• Myoglobin post-translational modifications influence color stability of beef longissimus lumborum

    Research Article

    Myoglobin post-translational modifications influence color stability of beef longissimus lumborum

Abstract

This is an accepted article with a DOI pre-assigned that is not yet published.

Post-translational modifications (PTMs) of proteins play critical roles in biological processes. PTMs of muscle proteins influence meat quality. Nonetheless, myoglobin (Mb) PTMs and their impact on fresh beef color stability have not been characterized yet. Therefore, our objectives were to identify Mb PTMs in beef longissimus lumborum (LL) muscle during postmortem aging and to characterize their influence on color stability. The LL muscles from nine (n = 9) beef carcasses (24 h postmortem) were subjected to wet-aging for 0, 7, 14 and 21 d. At the end of each wet-aging period, steaks were fabricated. One steak for analyses of PTMs was immediately frozen at –80°C, whereas other steaks were assigned to refrigerated storage in the darkness under aerobic packaging. Instrumental color and biochemical attributes were evaluated on d 0, 3, or 6 of storage. Mb PTMs were analyzed using two-dimensional electrophoresis and tandem mass spectrometry. Surface redness (a* value), R630/580 (color stability), and Mb concentration decreased (P < 0.05) upon aging. Gel image analyses identified six Mb spots with similar molecular weight (17 kDa) but different isoelectric pH. Tandem mass spectrometry identified multiple PTMs (phosphorylation, methylation, carboxymethylation, acetylation, and HNE alkylation) in these six isoforms. The amino acids susceptible to phosphorylation were serine (S), threonine (T), and tyrosine, whereas other PTMs are detected in lysine (K), arginine (R), and histidine residues. Additionally, distal histidine (position 64), critical to heme stability, was found to be alkylated. Overall, Mb PTMs increased with aging. The aging-induced PTMs, especially those occurring close to hydrophobic heme pocket, could disrupt Mb tertiary structure, influence heme affinity, and compromise oxygen binding capacity, leading to decreased color stability of fresh beef. Furthermore, PTMs at K45, K47, and K87 were unique to Mb from non-aged beef, whereas PTMs at R31, T51, K96, K98, S121, R139, and K147 were unique to Mb from aged counterparts, indicating these Mb PTMs could be used as novel biomarkers for fresh beef color stability.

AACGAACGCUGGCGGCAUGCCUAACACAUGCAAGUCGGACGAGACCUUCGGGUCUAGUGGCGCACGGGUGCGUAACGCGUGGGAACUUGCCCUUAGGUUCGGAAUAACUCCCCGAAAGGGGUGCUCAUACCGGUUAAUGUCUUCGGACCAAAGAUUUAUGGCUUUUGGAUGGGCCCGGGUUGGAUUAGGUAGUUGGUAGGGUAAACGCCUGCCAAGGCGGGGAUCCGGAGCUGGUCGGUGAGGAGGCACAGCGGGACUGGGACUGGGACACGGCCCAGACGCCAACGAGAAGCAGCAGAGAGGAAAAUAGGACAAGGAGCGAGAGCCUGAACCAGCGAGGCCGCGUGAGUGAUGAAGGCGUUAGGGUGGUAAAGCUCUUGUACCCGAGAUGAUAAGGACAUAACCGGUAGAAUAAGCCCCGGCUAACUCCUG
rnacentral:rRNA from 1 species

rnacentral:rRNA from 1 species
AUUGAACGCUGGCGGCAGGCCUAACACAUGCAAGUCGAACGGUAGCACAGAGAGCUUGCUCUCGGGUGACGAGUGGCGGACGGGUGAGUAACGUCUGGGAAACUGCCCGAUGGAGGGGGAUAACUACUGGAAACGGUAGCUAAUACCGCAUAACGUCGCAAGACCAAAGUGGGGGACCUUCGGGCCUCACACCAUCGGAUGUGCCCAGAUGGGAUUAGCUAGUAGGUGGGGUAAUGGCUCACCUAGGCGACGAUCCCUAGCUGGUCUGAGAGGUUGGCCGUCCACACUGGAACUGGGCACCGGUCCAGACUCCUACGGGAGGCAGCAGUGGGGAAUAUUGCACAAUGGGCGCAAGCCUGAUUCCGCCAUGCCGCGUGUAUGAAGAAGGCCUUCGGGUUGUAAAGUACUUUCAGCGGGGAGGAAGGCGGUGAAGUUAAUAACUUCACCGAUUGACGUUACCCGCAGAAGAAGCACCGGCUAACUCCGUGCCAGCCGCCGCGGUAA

Keywords: post-translational modifications, myoglobin, longissimus lumborum, beef color stability, aging

Accepted on
21 Jan 2021
Peer Reviewed